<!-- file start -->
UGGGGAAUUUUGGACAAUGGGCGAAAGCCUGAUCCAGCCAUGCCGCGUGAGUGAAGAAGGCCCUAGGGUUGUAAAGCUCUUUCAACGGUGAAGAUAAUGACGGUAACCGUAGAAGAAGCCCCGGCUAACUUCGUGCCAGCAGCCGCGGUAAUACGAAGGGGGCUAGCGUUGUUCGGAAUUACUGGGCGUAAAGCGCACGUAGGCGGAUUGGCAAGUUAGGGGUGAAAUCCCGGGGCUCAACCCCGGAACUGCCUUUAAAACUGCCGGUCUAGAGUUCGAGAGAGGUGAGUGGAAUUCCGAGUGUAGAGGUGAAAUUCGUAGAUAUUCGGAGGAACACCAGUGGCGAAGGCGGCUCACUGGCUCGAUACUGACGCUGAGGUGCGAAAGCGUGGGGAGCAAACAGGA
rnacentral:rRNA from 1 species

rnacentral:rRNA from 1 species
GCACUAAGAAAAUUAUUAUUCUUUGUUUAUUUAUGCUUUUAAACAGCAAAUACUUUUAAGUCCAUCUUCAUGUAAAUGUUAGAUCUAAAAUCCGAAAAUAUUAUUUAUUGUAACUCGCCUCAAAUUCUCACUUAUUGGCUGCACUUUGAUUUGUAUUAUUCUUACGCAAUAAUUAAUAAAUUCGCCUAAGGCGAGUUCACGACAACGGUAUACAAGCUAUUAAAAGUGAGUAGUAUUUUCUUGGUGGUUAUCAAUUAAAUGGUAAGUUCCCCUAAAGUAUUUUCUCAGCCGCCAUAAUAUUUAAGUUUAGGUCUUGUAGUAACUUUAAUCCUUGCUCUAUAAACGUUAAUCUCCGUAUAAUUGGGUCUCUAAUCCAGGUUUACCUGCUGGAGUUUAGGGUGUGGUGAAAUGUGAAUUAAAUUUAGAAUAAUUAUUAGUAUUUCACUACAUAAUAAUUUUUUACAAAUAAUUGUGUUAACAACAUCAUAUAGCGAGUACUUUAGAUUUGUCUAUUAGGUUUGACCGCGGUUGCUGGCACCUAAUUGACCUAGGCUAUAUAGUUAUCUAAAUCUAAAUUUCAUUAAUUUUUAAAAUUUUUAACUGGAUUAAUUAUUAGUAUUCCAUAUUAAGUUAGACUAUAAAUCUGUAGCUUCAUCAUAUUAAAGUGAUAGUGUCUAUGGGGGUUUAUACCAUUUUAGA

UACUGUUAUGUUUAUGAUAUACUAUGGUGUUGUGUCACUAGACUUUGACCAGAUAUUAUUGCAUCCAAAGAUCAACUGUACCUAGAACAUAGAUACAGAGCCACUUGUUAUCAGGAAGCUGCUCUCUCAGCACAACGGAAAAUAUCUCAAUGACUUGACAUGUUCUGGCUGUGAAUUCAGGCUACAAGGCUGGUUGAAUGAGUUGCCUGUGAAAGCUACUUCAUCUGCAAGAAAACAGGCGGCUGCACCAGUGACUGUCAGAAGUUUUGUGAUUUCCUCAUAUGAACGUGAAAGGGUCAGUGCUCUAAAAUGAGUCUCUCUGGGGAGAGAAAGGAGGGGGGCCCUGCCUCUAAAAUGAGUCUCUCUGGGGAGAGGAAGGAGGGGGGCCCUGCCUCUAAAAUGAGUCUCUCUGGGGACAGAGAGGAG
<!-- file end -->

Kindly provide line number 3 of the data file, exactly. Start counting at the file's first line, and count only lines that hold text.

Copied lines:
rnacentral:rRNA from 1 species